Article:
In the early 50s, numerical computing was largely an uncharted field of research. Although numerical methods certainly existed, it was no longer possible to have direct human insight into the computational process. New anomalies were also frequently encountered, simply because the computations had reached an unprecedented level of complexity. A better theoretical understanding was needed, in particular of such notions as stability and conditioning.
Dahlquist’s work at the Swedish Board of Computer Machinery led to his first publications in numerical analysis. In 1951, having explored the weak (in)stability of the explicit midpoint method, he attended a GAMM meeting in Freiburg to present his result. As he recounts in “33 Years of Numerical Stability,” the day before his talk he was contacted at his hotel by Heinz Ru-tishauser, who had just seen Dahlquist’s abstract. It turned out that they had independently obtained the same (still unpublished) result! In 1956, Dahlquist presented his complete study of O-stability of linear multistep methods, creating the convergence theory for such methods. This work was akin to that of Peter Lax, who in 1955 had established the Lax principle, which would later become the standard approach to the convergence of discretization methods.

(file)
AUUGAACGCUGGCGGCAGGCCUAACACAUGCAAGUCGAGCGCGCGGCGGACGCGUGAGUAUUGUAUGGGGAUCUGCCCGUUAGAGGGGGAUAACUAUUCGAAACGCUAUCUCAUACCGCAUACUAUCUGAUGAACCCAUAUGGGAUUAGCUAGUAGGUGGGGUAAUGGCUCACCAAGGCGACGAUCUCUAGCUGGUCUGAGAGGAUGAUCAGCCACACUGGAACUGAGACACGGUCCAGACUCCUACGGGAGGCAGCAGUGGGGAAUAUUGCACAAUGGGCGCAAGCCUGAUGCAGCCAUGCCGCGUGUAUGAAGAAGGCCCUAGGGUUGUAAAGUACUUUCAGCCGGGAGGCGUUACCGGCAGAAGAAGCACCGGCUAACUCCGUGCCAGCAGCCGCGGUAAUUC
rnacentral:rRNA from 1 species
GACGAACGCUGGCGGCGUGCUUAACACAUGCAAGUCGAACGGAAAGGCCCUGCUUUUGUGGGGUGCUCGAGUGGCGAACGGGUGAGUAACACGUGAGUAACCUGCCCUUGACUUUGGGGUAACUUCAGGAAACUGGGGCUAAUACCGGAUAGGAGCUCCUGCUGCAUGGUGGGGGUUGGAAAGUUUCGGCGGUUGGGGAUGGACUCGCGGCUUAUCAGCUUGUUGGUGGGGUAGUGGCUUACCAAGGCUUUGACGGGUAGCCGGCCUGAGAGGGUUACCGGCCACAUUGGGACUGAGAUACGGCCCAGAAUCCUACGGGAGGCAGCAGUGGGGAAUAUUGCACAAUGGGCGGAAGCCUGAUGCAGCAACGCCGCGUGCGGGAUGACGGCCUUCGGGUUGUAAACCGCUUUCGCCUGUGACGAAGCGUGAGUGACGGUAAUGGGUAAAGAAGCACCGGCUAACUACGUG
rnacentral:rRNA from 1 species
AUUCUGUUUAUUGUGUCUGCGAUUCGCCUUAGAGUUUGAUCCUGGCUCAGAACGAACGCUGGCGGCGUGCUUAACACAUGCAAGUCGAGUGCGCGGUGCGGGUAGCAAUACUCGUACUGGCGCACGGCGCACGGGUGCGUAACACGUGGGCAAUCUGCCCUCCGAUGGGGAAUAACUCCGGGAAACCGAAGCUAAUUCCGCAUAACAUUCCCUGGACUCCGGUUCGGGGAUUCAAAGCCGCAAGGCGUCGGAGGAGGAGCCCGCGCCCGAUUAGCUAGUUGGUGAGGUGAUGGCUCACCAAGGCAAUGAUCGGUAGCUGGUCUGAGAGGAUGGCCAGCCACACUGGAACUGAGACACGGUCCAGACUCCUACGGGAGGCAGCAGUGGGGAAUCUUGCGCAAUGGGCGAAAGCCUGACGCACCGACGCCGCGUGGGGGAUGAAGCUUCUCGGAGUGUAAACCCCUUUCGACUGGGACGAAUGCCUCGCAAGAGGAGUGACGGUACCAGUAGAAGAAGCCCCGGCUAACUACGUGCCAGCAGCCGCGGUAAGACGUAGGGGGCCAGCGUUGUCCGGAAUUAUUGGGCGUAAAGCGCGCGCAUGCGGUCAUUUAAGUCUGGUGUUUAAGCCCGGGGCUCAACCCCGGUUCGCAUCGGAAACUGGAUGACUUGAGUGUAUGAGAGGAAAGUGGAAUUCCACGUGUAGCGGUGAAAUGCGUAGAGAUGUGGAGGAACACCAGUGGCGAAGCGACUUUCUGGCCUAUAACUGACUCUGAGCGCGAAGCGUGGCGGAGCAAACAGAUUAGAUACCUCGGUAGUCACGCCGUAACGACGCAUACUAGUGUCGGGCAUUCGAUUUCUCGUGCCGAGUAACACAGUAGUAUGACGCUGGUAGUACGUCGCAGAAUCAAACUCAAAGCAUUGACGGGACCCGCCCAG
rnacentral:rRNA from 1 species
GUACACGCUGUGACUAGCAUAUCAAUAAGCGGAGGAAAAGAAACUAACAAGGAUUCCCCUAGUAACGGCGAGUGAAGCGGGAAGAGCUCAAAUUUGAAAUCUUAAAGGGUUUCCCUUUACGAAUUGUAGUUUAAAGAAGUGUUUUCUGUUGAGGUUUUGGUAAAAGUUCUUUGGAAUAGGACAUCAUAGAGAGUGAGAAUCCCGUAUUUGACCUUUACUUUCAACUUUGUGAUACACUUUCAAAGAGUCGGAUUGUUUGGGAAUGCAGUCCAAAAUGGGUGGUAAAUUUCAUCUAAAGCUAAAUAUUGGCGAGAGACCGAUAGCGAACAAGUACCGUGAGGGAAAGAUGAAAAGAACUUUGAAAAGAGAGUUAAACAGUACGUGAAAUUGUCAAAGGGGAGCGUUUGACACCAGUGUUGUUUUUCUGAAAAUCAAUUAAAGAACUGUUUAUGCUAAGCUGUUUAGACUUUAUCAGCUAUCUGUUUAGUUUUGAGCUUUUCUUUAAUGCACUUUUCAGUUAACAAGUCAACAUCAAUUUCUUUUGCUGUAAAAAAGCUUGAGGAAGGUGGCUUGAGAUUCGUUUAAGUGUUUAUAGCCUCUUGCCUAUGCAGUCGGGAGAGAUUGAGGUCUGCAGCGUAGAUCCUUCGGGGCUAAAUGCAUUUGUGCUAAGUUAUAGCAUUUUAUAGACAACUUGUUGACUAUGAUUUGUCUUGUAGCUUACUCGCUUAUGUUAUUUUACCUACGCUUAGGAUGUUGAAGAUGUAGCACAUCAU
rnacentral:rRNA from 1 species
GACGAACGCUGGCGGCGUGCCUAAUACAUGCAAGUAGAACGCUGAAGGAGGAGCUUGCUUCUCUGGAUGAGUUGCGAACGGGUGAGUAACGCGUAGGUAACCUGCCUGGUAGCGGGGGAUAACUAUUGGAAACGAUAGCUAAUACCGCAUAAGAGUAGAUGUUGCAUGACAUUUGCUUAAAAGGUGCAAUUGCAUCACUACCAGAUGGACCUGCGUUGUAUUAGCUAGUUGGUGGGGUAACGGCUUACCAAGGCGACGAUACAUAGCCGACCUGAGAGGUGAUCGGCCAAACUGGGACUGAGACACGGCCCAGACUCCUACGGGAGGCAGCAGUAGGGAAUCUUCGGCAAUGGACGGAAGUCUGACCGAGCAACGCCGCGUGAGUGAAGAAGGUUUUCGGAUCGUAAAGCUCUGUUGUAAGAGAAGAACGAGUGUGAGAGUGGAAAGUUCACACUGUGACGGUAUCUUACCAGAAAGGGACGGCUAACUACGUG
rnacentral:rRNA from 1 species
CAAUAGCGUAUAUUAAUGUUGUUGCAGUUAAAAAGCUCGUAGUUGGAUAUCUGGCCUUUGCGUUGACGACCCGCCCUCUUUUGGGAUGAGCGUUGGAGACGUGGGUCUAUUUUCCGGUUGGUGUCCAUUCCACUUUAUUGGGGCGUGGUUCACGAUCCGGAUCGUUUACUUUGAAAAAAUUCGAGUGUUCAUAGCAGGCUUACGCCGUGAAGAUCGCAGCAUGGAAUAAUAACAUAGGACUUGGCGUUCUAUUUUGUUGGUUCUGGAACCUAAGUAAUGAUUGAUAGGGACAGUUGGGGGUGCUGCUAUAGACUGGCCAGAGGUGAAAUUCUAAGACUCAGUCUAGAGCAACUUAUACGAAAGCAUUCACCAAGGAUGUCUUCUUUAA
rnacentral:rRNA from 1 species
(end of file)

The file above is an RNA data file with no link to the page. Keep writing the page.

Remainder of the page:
In December 1958, Dahlquist defended his PhD thesis, “Stability and Error Bounds in the Numerical Solution of Ordinary Differential Equations,” in which he took several original approaches. He introduced the logarithmic norm (also introduced independently by Lozinskii in 1958), which he used to derive differential inequalities that discriminated between forward and reverse time of integration. Dahlquist was now in a position to derive more realistic error bounds for problems that might not even be well-posed in reverse time. In such cases, the classic Lipschitz convergence analysis would have failed. Dahlquist was to use this idea throughout his research in stiff differential equations.
Dahlquist’s research in the years between 1956 and 1958 instantly made him an international authority on the numerical solutions of ODEs. The basic theory he developed soon became available to a wider audience through Peter Henrici’s 1962 monograph, a text that set the stage for modern ODE theory.